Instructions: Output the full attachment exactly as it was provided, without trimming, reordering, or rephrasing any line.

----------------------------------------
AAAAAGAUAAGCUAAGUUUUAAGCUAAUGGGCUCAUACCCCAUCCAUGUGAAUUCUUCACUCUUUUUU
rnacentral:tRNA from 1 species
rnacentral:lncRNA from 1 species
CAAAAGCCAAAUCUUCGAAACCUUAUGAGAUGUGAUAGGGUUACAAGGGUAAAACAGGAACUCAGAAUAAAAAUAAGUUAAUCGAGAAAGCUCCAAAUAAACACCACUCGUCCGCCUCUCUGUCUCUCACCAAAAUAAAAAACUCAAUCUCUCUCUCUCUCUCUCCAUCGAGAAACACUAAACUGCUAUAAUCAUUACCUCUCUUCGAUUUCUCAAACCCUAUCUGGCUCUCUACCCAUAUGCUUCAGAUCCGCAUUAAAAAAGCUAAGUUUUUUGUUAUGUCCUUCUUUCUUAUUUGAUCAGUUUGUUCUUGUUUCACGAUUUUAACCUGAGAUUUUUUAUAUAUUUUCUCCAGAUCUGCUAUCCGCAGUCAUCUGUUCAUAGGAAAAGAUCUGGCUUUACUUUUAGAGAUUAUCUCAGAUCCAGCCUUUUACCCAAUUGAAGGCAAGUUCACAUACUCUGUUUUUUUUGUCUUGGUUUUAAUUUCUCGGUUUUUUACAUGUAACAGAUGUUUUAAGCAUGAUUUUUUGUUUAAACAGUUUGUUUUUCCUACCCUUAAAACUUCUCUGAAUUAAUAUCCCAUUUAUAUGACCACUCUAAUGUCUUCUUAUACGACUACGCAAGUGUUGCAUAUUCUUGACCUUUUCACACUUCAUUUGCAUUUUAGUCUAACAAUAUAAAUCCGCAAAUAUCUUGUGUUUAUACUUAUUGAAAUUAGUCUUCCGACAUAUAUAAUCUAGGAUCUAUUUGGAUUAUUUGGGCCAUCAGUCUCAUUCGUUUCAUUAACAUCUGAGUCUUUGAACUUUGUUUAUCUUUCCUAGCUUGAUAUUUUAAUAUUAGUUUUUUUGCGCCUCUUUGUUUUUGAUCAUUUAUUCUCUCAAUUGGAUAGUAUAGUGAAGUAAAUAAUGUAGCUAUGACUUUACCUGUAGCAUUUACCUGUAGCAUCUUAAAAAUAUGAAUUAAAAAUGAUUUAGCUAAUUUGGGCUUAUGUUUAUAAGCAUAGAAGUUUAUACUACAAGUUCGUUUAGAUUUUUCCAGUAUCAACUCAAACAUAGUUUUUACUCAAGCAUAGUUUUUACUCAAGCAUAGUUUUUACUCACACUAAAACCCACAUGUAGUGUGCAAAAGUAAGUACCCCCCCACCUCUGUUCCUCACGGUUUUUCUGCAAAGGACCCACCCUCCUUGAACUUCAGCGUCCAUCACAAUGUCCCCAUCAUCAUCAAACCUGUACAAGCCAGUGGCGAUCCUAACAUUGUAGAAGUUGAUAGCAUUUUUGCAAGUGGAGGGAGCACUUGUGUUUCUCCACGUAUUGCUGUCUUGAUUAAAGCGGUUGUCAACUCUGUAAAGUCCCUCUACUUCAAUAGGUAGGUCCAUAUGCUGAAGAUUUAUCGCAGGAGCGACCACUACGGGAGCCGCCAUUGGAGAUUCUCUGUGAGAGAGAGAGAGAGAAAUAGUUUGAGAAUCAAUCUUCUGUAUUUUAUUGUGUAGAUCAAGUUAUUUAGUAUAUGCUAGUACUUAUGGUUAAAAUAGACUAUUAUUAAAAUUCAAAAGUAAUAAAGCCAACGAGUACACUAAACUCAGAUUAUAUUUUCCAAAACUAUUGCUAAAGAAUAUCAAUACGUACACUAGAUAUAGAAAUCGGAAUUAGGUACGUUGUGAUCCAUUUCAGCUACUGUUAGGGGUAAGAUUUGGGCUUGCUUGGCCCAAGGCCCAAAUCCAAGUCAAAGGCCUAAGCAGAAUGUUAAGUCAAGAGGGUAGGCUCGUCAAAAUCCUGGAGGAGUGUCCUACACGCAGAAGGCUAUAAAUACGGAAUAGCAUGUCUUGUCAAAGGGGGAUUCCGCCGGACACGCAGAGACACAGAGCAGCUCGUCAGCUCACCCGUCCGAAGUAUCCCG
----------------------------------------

AAAAAGAUAAGCUAAGUUUUAAGCUAAUGGGCUCAUACCCCAUCCAUGUGAAUUCUUCACUCUUUUUU
rnacentral:tRNA from 1 species
rnacentral:lncRNA from 1 species
CAAAAGCCAAAUCUUCGAAACCUUAUGAGAUGUGAUAGGGUUACAAGGGUAAAACAGGAACUCAGAAUAAAAAUAAGUUAAUCGAGAAAGCUCCAAAUAAACACCACUCGUCCGCCUCUCUGUCUCUCACCAAAAUAAAAAACUCAAUCUCUCUCUCUCUCUCUCCAUCGAGAAACACUAAACUGCUAUAAUCAUUACCUCUCUUCGAUUUCUCAAACCCUAUCUGGCUCUCUACCCAUAUGCUUCAGAUCCGCAUUAAAAAAGCUAAGUUUUUUGUUAUGUCCUUCUUUCUUAUUUGAUCAGUUUGUUCUUGUUUCACGAUUUUAACCUGAGAUUUUUUAUAUAUUUUCUCCAGAUCUGCUAUCCGCAGUCAUCUGUUCAUAGGAAAAGAUCUGGCUUUACUUUUAGAGAUUAUCUCAGAUCCAGCCUUUUACCCAAUUGAAGGCAAGUUCACAUACUCUGUUUUUUUUGUCUUGGUUUUAAUUUCUCGGUUUUUUACAUGUAACAGAUGUUUUAAGCAUGAUUUUUUGUUUAAACAGUUUGUUUUUCCUACCCUUAAAACUUCUCUGAAUUAAUAUCCCAUUUAUAUGACCACUCUAAUGUCUUCUUAUACGACUACGCAAGUGUUGCAUAUUCUUGACCUUUUCACACUUCAUUUGCAUUUUAGUCUAACAAUAUAAAUCCGCAAAUAUCUUGUGUUUAUACUUAUUGAAAUUAGUCUUCCGACAUAUAUAAUCUAGGAUCUAUUUGGAUUAUUUGGGCCAUCAGUCUCAUUCGUUUCAUUAACAUCUGAGUCUUUGAACUUUGUUUAUCUUUCCUAGCUUGAUAUUUUAAUAUUAGUUUUUUUGCGCCUCUUUGUUUUUGAUCAUUUAUUCUCUCAAUUGGAUAGUAUAGUGAAGUAAAUAAUGUAGCUAUGACUUUACCUGUAGCAUUUACCUGUAGCAUCUUAAAAAUAUGAAUUAAAAAUGAUUUAGCUAAUUUGGGCUUAUGUUUAUAAGCAUAGAAGUUUAUACUACAAGUUCGUUUAGAUUUUUCCAGUAUCAACUCAAACAUAGUUUUUACUCAAGCAUAGUUUUUACUCAAGCAUAGUUUUUACUCACACUAAAACCCACAUGUAGUGUGCAAAAGUAAGUACCCCCCCACCUCUGUUCCUCACGGUUUUUCUGCAAAGGACCCACCCUCCUUGAACUUCAGCGUCCAUCACAAUGUCCCCAUCAUCAUCAAACCUGUACAAGCCAGUGGCGAUCCUAACAUUGUAGAAGUUGAUAGCAUUUUUGCAAGUGGAGGGAGCACUUGUGUUUCUCCACGUAUUGCUGUCUUGAUUAAAGCGGUUGUCAACUCUGUAAAGUCCCUCUACUUCAAUAGGUAGGUCCAUAUGCUGAAGAUUUAUCGCAGGAGCGACCACUACGGGAGCCGCCAUUGGAGAUUCUCUGUGAGAGAGAGAGAGAGAAAUAGUUUGAGAAUCAAUCUUCUGUAUUUUAUUGUGUAGAUCAAGUUAUUUAGUAUAUGCUAGUACUUAUGGUUAAAAUAGACUAUUAUUAAAAUUCAAAAGUAAUAAAGCCAACGAGUACACUAAACUCAGAUUAUAUUUUCCAAAACUAUUGCUAAAGAAUAUCAAUACGUACACUAGAUAUAGAAAUCGGAAUUAGGUACGUUGUGAUCCAUUUCAGCUACUGUUAGGGGUAAGAUUUGGGCUUGCUUGGCCCAAGGCCCAAAUCCAAGUCAAAGGCCUAAGCAGAAUGUUAAGUCAAGAGGGUAGGCUCGUCAAAAUCCUGGAGGAGUGUCCUACACGCAGAAGGCUAUAAAUACGGAAUAGCAUGUCUUGUCAAAGGGGGAUUCCGCCGGACACGCAGAGACACAGAGCAGCUCGUCAGCUCACCCGUCCGAAGUAUCCCG